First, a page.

The Brag

Fresh Film Reviews

In Arts, Brag 329 (September 14), Film Reviews on September 14, 2009 at 10:06 pm

Film Review_Funny People
Film
Funny People
Opens September 10, 2009

Writer/director/producer Judd Apatow has made quite the name for himself as a maker of hilariously loose comedies, written with a lot of heart. From The 40-Year Old Virgin to Knocked Up, Apatow has solidified his presence – and his fanbase – amongst the cynics of Tinsel Town. Funny People, is easily his most ambitious and very probably his most personal. It is the story of George Simmons (Adam Sandler) a comedian dealing with his impending mortality and the ripple effect this has on people in his life, most notably his assistant (Seth Rogan) and the girl-that-got-away (Leslie Mann).

Funny People is certainly a love letter to comedians – those crazy, competitive, penis-joke happy bunch – both past, present and future. The list of cameos is impressive, and the scene where Eminem has a go at Ray Romano is one of many in-jokes. However this film – at over 2 hours – is by no means wall to wall laughs, instead it is quite a serious look at death, loneliness, narcissism, and in the final act, a rather overly sentimentalised portrait of family.

For the most part Funny People is richer for this depth, and certainly the actors make a meal of the material. Adam Sandler is fearless, rivalling his turn in Punch Drunk Love, while great performances abound with Jonah Hill, Jason Schwartzman and a scene-stealing (nay, rescuing) Eric Bana in a welcomed return to comedy.

At its core, Funny People is about the importance of friendship. The film opens with real footage of Sandler making prank calls; he and his friends in stitches. It is this comradery, this community that Apatow so wonderfully captures. Like jazz-musicians, he and his cast riff on what it is to be funny – in its notes both high and low.

3.5/5 Stars
Alice Tynan

Matt Newton, Toby Schmitz and Ewen Leslie, in Three Blind Mice.

Matt Newton, Toby Schmitz and Ewen Leslie, in Three Blind Mice.


Film
Three Blind Mice
Released September 5, 2009
Showing every Friday night at the Chauvel Cinema.

Three soldiers have a night ashore before they ship off to Iraq. In the course of 12 hours, they deal with residual tensions from an on-board disciplinary action (read: fragging) that has left one of them traumatised, another guilty, and the third disillusioned. Being Australian men, they don’t sit around agonising about it, they hit the town for some distraction – lead by the intrepid womaniser (but secretly sensitive) Harry (Matt Newton).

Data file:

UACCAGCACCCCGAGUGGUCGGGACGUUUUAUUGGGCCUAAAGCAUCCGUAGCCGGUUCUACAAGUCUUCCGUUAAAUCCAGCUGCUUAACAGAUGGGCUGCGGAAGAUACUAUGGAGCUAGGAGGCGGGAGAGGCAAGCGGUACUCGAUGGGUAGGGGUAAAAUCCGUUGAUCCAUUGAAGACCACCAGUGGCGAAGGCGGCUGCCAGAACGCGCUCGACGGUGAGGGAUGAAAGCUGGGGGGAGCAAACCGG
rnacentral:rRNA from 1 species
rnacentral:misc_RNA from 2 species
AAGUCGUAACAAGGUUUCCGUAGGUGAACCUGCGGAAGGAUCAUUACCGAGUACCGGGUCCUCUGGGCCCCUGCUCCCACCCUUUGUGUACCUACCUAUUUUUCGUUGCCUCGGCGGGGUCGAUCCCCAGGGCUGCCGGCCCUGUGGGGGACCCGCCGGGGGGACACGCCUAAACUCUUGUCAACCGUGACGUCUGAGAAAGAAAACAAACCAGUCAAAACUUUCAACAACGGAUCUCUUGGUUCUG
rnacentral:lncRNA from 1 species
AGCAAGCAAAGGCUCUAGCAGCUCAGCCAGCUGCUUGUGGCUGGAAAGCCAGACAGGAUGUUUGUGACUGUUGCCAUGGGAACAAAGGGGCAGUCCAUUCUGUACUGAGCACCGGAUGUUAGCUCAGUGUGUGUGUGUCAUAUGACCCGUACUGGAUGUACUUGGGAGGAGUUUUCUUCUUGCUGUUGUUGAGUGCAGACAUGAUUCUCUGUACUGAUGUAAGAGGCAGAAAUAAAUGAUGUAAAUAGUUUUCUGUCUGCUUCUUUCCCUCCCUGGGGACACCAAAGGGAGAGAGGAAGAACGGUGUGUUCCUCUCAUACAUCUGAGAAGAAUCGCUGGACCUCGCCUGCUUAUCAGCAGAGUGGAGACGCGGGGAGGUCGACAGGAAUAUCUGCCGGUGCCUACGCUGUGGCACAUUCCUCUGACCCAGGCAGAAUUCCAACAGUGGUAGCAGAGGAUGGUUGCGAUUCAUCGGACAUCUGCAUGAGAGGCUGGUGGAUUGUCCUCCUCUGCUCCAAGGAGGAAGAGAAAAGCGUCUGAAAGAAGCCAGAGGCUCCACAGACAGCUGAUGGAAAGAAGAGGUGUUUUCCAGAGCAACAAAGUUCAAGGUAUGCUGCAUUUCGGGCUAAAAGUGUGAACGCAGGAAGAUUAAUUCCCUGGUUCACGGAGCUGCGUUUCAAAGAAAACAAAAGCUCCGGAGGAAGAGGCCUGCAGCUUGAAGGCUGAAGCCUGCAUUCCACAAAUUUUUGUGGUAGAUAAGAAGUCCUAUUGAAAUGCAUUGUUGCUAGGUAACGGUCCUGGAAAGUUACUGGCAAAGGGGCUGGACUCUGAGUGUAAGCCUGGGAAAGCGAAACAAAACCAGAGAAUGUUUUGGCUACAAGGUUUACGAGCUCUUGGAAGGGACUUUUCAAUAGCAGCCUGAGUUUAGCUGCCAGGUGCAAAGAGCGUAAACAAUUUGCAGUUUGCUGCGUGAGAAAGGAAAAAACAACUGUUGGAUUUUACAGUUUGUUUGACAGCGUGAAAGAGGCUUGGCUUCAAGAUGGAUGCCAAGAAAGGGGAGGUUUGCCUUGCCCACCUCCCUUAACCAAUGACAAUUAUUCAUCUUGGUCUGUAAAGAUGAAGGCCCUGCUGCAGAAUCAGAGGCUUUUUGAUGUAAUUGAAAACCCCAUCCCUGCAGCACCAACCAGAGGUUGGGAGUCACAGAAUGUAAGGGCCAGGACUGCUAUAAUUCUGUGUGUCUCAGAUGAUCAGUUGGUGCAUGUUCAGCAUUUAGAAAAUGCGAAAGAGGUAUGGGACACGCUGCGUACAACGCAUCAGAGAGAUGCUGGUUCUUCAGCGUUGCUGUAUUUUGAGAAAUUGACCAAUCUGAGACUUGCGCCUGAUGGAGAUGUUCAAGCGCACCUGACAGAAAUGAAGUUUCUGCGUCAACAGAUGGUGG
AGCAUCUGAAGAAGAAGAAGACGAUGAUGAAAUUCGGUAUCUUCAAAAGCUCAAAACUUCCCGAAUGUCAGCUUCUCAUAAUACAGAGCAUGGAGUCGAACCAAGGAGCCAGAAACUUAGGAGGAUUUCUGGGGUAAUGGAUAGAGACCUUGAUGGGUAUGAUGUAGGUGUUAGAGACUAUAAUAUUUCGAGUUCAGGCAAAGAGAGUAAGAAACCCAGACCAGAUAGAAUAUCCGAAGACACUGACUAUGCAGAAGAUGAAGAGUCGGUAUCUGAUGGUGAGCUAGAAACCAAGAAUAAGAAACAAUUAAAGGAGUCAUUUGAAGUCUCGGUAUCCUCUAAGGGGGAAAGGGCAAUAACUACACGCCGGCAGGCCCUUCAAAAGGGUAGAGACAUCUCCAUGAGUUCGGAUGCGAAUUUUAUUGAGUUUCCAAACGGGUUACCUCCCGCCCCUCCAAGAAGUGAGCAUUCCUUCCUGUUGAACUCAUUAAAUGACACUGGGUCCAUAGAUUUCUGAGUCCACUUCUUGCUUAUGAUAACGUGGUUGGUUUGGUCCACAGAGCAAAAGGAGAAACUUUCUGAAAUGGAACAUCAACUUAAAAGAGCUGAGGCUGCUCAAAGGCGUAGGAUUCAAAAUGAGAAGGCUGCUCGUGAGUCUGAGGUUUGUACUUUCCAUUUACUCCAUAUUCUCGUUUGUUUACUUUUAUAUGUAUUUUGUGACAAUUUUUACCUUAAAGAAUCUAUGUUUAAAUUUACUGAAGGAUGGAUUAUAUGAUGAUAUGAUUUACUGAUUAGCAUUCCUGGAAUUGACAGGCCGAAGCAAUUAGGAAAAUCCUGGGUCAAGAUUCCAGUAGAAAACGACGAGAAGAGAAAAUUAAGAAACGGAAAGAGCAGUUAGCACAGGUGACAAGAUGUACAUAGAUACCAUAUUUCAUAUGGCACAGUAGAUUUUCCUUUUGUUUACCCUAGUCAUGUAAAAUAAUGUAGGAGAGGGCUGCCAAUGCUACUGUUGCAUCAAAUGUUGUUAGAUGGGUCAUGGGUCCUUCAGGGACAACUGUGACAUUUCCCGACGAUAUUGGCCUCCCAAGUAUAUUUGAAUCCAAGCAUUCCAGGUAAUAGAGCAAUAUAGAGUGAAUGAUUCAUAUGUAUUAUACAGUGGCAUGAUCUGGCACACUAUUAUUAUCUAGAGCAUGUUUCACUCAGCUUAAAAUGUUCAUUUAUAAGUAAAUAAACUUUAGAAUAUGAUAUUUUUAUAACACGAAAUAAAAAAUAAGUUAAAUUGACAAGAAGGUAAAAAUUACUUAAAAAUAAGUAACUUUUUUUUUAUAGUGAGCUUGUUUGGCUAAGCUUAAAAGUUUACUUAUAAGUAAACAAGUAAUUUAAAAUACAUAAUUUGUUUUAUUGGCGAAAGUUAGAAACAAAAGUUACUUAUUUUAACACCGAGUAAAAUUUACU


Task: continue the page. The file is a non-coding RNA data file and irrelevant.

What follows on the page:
Three Blind Mice is a great debut feature: well made, careful and considered, but made as though it were on a shoe-string, with hand-held cameras and performances that almost feel improvised.

Writer/Director/actor Matt Newton has written a great script, high on social observation and humour, and displaying an unusual knack for conversational dialogue. Given the serious underlying themes of war, betrayal, loyalty, I was actually surprised to find myself laughing almost the entire way through – which is part of the film’s charm: it layers its message through slices of recognisable everyday situations and conversations.

Newtown has also cast his debut feature perfectly from amongst his peers, including thesps Toby Schmitt and Ewen Leslie, and his former girlfriend Gracie Otto. Anyone who has seen an STC or Belvoir production in the last year, know that Leslie and Schmidt can act – but it is Otto who is so darn sweet on screen. Shy awkwardness mixed with sly sex appeal, tomboy tomfoolery – she grows on you as the film progresses.

Of course the real beating heart of the film is Ewen Leslie’s vulnerability as Sam, who may turn out to be the strongest one of the lot.

The film is also padded out with some whole-hearted cameo performances by Marcus Graham, Alex Dimitriades, Barry Otto, Brendan Cowell and the late Bud Tingwell.

The way the film is shot allows emotional intimacy and the feeling of spontaneity and even danger (or at least tension), while actually being very well thought-out and executed, by recent AFTRS graduate Hugh Miller (Solo, Two Fists One Heart).

4/5
Dee Jefferson

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